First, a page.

segregable /seg"ri geuh beuhl/, adj.segregative, adj.
v. /seg"ri gayt'/; n. /seg"ri git, -gayt'/, v., segregated, segregating, n.
1. to separate or set apart from others or from the main body or group; isolate: to segregate exceptional children; to segregate hardened criminals.
2. to require, often with force, the separation of (a specific racial, religious, or other group) from the general body of society.
3. to separate, withdraw, or go apart; separate from the main body and collect in one place; become segregated.
4. to practice, require, or enforce segregation, esp. racial segregation.
5. Genetics. (of allelic genes) to separate during meiosis.
6. a segregated thing, person, or group.
[1400-50 in sense "segregated"; 1535-45 as transit. v.; late ME segregat < L segregatus (ptp. of segregare to part from the flock), equiv. to se- SE- + greg- (s. of grex flock) + -atus -ATE1; see GREGARIOUS]
Ant. 1. integrate.

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  • segregate — seg·re·gate / se gri ˌgāt/ vb gat·ed, gat·ing vt: to cause or force the separation of; specif: to separate (persons) on the basis of race, religion, or national origin vi: to practice or enforce a policy of segregation seg·re·ga·tive / ˌgā tiv/… …   Law dictionary

  • Segregate — Seg re*gate, a. [L. segregatus, p. p. of segregare to separate; pref. se aside + grex, gregis, a flock or herd. See {Gregarious}.] 1. Separate; select. [1913 Webster] 2. (Bot.) Separated from others of the same kind. [1913 Webster] …   The Collaborative International Dictionary of English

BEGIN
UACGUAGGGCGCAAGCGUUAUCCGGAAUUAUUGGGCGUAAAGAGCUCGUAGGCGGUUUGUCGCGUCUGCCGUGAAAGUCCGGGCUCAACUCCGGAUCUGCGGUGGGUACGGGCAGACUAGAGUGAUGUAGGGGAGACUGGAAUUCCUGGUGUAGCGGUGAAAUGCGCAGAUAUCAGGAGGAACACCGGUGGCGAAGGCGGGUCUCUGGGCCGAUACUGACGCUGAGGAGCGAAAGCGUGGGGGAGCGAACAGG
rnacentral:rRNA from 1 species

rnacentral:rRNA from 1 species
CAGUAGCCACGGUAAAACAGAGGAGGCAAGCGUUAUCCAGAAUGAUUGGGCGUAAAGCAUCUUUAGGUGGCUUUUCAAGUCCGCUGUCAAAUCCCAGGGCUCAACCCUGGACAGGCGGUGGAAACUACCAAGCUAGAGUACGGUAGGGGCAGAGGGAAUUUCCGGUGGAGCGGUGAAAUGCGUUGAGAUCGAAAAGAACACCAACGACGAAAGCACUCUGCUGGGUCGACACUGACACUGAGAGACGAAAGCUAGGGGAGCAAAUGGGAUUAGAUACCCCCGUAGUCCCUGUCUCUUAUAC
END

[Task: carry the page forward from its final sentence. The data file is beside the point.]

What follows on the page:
• Segregate — Seg re*gate, v. t. [imp. & p. p. {Segregated}; p. pr. & vb. n. {Segregating}.] To separate from others; to set apart. [1913 Webster] They are still segregated, Christians from Christians, under odious designations. I. Taylor. [1913 Webster] …   The Collaborative International Dictionary of English

  • Segregate — Seg re*gate, v. i. (Geol.) To separate from a mass, and collect together about centers or along lines of fracture, as in the process of crystallization or solidification. [1913 Webster] …   The Collaborative International Dictionary of English

  • segregate — (v.) 1540s, from L. segregatus, pp. of segregare separate from the flock, isolate, divide, from *se gregare, from se apart from (see SECRET (Cf. secret)) + grege, ablative of grex herd, flock (see GREGARIOUS (Cf. gregarious)). Originally often… …   Etymology dictionary

  • segregate — vb *isolate, seclude, insulate, sequester Analogous words: *separate, divide, part, sever: *detach, disengage: *choose, select, single …   New Dictionary of Synonyms

  • segregate — [v] discriminate and separate choose, close off, cut off, disconnect, dissociate, divide, insulate, island, isolate, quarantine, select, sequester, set apart, sever, single out, split up; concepts 21,135,645 Ant. combine, desegregate, gather,… …   New thesaurus

  • segregate — ► VERB 1) set apart from the rest or from each other. 2) separate along racial, sexual, or religious lines. ORIGIN Latin segregare separate from the flock …   English terms dictionary

  • segregate — [seg′rə gāt΄; ] for adj. & n., usually [, seg′rəgit] adj. [ME segregat < L segregatus, pp. of segregare, to set apart, lit., to set apart from the flock < se , apart (see SECEDE) + grex (gen. gregis), a flock: see GREGARIOUS] separate; set… …   English World dictionary

  • segregate — v. 1) (D; tr.) to segregate from (to segregate one group from another) 2) (D; tr.) to segregate into (to segregate people into different groups) * * * [ segrɪg(e)ɪt] (D; tr.) to segregate from (to segregate one group from another) (D; tr.) to… …   Combinatory dictionary

  • segregate — [[t]se̱grɪgeɪt[/t]] segregates, segregating, segregated VERB To segregate two groups of people or things means to keep them physically apart from each other. [V n] A large detachment of police was used to segregate the two rival camps of… …   English dictionary

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